As you’ve probably heard, there’s a total solar eclipse coming this way soon.
By “this way,” I mean it will be visible in the US from coast to coast. It will first be visible around the Oregon Pacific coast, then it will cross the country until exiting the national stage off the South Carolina Atlantic coast.
And by “soon,” I mean on August 21, 2017. The “totality” of the moon’s shadow will strike around Lincoln City, Oregon at 10:16 am Pacific time and will exit the continent at Charleston, South Carolina at 2:48 pm Eastern time. The entire journey of the totality will take about an hour and a half to cross the nation, and the final glimpses of the moon’s shadow will be visible from the eastern seaboard as late as 4:09 pm eastern time.
An eclipse is an amazing thing to see, and most or all Americans will be able to see this eclipse. Even better, some Americans within a band that’s about 70-miles wide along the path of the eclipse will see its totality–a complete eclipse of the sun. Some say that viewing a full eclipse from within the path of the totality is even more amazing–even spiritual or mystical. Just ask this guy.
The video below explains what an eclipse is. Below the video, we’ve got some tips for watching an eclipse safely. Because remember, you should never look directly at the sun without special protection, even during a solar eclipse, and doing so can severely damage your eyes.
How to Watch a Solar Eclipse Safely Without Harming Your Eyes
We said this earlier, but it bears repeating: NEVER LOOK DIRECTLY AT THE SUN WITHOUT SPECIAL PROTECTION AT ANY TIME–DURING “NORMAL’ CIRCUMSTANCES OR DURING AN ECLIPSE. Why? Because it can harm your eyes and even cause blindness. You wouldn’t poke your eye with a sharp stick, would you? No-because it can hurt your eye. The same goes with trying to look at an eclipse of the sun without special protection. And NO, sunglasses aren’t good enough.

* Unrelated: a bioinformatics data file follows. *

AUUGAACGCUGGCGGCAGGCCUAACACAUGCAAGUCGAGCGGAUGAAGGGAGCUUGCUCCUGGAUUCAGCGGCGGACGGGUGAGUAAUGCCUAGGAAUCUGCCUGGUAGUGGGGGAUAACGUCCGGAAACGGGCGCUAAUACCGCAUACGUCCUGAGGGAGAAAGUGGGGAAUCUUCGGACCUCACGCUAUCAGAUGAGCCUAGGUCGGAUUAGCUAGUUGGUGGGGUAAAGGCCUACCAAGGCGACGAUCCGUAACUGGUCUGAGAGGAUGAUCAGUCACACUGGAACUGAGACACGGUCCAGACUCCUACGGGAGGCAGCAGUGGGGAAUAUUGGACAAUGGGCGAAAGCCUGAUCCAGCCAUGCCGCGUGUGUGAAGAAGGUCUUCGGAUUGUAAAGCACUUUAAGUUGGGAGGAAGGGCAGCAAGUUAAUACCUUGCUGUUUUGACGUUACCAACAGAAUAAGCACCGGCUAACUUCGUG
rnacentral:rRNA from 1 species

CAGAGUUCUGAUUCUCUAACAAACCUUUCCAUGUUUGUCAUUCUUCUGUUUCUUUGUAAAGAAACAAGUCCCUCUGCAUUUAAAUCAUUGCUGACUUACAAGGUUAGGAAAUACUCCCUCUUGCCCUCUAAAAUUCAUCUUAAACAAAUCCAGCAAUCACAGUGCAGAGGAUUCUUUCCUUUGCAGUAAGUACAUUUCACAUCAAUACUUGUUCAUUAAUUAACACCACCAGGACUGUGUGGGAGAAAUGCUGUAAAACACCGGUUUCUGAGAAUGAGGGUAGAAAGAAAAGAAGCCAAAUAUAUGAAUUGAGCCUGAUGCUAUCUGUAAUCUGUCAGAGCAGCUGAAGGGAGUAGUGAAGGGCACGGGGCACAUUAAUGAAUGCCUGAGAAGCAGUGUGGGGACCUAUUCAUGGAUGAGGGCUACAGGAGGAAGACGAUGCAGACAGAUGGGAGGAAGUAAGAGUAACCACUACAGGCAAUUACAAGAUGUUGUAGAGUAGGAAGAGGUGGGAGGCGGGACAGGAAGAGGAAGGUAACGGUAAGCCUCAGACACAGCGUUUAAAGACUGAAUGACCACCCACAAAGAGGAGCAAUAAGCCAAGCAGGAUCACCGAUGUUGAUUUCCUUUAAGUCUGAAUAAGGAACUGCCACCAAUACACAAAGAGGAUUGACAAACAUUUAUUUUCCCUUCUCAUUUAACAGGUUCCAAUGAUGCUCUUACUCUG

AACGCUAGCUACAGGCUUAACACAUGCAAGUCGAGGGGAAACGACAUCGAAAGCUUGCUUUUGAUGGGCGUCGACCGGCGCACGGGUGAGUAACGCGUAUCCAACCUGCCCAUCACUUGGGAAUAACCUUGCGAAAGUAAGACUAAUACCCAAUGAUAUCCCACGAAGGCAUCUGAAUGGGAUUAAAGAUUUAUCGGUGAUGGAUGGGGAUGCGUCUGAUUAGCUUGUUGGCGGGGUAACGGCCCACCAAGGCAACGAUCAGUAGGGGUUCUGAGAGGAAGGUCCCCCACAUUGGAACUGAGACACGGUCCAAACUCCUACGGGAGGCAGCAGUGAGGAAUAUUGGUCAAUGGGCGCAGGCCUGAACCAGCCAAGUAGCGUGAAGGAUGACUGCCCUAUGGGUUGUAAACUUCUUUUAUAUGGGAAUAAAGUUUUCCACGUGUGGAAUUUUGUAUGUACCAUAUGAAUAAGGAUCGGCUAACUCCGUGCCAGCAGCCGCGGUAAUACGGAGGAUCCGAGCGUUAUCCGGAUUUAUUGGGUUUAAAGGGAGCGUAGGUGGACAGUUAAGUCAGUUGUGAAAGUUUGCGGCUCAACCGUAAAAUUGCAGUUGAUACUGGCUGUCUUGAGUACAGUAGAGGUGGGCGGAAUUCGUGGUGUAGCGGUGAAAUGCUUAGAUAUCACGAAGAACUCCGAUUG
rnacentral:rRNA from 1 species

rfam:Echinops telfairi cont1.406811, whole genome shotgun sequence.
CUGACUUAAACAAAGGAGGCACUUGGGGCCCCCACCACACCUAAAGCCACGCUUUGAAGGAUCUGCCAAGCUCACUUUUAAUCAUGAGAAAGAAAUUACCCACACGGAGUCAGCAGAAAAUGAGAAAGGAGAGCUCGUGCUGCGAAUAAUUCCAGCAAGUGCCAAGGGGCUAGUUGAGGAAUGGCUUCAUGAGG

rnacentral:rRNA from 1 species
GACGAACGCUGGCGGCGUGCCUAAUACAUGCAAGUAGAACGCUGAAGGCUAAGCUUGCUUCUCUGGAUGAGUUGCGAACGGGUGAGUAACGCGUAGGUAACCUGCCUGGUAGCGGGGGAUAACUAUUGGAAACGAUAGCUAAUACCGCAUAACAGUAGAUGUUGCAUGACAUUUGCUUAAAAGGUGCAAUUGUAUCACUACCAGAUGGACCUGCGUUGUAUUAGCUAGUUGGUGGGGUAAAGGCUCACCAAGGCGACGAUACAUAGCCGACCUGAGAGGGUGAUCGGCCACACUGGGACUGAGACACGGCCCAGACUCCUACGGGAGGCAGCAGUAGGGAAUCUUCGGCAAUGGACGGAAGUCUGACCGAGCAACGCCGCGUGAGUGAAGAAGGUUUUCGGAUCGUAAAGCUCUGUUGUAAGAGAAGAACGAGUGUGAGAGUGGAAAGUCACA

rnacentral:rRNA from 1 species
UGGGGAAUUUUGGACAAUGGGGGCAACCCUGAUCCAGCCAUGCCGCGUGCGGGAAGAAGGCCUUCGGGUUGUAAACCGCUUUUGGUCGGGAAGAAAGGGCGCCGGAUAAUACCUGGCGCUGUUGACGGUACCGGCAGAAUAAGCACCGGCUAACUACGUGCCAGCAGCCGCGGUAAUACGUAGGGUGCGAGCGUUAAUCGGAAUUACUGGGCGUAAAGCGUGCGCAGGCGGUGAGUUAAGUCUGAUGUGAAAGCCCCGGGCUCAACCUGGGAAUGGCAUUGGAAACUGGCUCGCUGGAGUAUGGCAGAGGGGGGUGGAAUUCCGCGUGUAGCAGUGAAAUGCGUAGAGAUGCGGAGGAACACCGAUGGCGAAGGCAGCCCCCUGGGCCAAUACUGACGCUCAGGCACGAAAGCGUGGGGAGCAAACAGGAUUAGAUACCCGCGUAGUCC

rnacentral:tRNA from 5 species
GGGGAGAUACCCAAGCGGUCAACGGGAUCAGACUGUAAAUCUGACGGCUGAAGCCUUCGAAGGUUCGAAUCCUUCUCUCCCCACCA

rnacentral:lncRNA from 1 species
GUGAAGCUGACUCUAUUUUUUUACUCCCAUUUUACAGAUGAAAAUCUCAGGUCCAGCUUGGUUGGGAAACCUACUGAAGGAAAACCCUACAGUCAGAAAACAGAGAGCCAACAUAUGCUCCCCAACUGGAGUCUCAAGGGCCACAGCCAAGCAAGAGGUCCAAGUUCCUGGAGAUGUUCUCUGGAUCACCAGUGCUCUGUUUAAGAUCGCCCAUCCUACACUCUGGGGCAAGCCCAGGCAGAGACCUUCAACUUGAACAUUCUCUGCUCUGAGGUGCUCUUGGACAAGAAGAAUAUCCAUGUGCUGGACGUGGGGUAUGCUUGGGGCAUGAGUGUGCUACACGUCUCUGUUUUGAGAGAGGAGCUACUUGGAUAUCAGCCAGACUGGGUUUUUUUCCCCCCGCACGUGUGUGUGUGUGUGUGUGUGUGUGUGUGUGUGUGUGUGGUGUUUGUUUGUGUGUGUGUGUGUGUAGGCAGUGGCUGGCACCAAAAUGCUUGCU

Are we good with that?
If so, here are some more tips:
- Spend a few bucks and buy some specially designed, protective solar viewers. This model is made of paper, costs $10-14 for two (because it’s always best to watch a solar eclipse with a friend!), and is ISO certified: Celestron Eclipse Smart Viewers.
- Spend even less and buy some solar eclipse viewing glasses. This article in the USA Today lists 5 reputable, safe pairs, and here’s a larger list from the American Astronomical Society.
- Make your own pinhole projector out of two pieces of cardboard. Here are instructions from the Jet Propulsion Lab on making a pinhole projector to view a solar eclipse.
- Be extra-safe and watch it on TV. Our friends at NASA will be broadcasting the eclipse live.
Hope the eclipse is cool, amazing, awesome, and even spiritual or mystical to you–or whatever you want it to be. But most importantly, we hope you watch it safely.
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